Nursing in Public

Lea Ann McCombs

As a veteran mother of 4, having breastfed them all, I fail to see why this needs to be an issue. I often fed my hungry infants in public, but did it discretely and without calling undo attention to it. Most people never even knew a baby was eating in their presence, and if they did, it was so unobtrusive and modest that it rarely caused embarrassment for anyone. It appears that both sides of this issue need to moderate their positions somewhat to find simple solutions.

In Bible times, women did most things in groups of other women. Even their worship services were gender divided, so the issue of a woman exposing her breast in public was not even considered. It shouldn`t be considered now, either. Mothers who take up arms over their right to flip their breasts out anytime, anywhere, at the demand of a hungry child are disregarding the sensitivities of others in their presence. A 13-year-old boy does not need to have the milk-engorged breast of a stranger flung before his eyes in McDonalds, based upon some woman declaring her rights to do so. It may be a "natural thing," but so is using the restroom and we consider that off-limits as a spectator sport.

Philippians 2:3-4 should be a Christian's guide to every situation: "Do nothing from selfish ambition or conceit, but in humility count others more significant than yourselves. Let each of you look not only to his own interests, but also to the interests of others." If nursing mothers considered the embarrassment or discomfort of others, especially men, as more important than their own wishes, they could easily find alternative ways to feed their babies that did not cause such discomfort. Women have done so for centuries. Countless cute and modest nursing apparati flood the market, making modest nursing quite simple.

On the flip side, a disgruntled person who finds the whole idea of breastfeeding repulsive just needs to get over it. A mother nursing her baby is not gross or vulgar, as long as that right does not infringe upon the rights of others to not be exposed to more than decency allows. If the controversy revolves around the immodest exposure of breasts in public, that issue is worthy of attention. Modesty is the responsibility of the mothers in question and women should have enough self-respect to consider their breasts off-limits to the gawking eyes of others. We all owe those around us a modest appearance that does not cause lust or detract from the accurate representation of Jesus in our lives. However, if the mere knowledge that a baby is nursing causes people to object, then they are the ones at fault.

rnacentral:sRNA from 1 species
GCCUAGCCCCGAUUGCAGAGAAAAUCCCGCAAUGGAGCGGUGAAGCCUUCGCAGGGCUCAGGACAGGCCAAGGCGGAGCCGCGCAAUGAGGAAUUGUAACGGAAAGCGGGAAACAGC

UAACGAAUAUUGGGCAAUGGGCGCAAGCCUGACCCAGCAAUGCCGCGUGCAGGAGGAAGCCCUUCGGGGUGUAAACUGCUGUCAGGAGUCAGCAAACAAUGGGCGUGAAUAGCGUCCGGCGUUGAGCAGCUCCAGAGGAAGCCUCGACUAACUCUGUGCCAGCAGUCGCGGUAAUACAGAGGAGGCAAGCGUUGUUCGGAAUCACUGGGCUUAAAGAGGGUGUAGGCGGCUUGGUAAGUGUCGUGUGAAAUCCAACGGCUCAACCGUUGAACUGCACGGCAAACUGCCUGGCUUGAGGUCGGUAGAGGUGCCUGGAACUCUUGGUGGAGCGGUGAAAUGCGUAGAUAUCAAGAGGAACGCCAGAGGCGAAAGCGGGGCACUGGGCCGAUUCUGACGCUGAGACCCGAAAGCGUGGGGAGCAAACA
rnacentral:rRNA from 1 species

Our nation has become a chaotic tangle of rights-fighters, everyone insisting on the "right" to do whatever they want to do. As Christians, we do not live by this world's standards. Jesus calls us to a higher standard, the law of liberty (James 2:12). Under His law, we choose not to let our freedoms become an opportunity for the flesh or a stumbling block to others (Galatians 5:13; Romans 14:19-21). If we all chose that path, there would be little to fight about.

Image Credit: Jessica Merz; "Nursing at Kabuki Sushi, Petaluma"; Creative Commons

TagsBiblical-Truth  | Christian-Life  | Controversial-Issues  | Personal-Relationships  | Womens-Issues

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Published on 6-23-16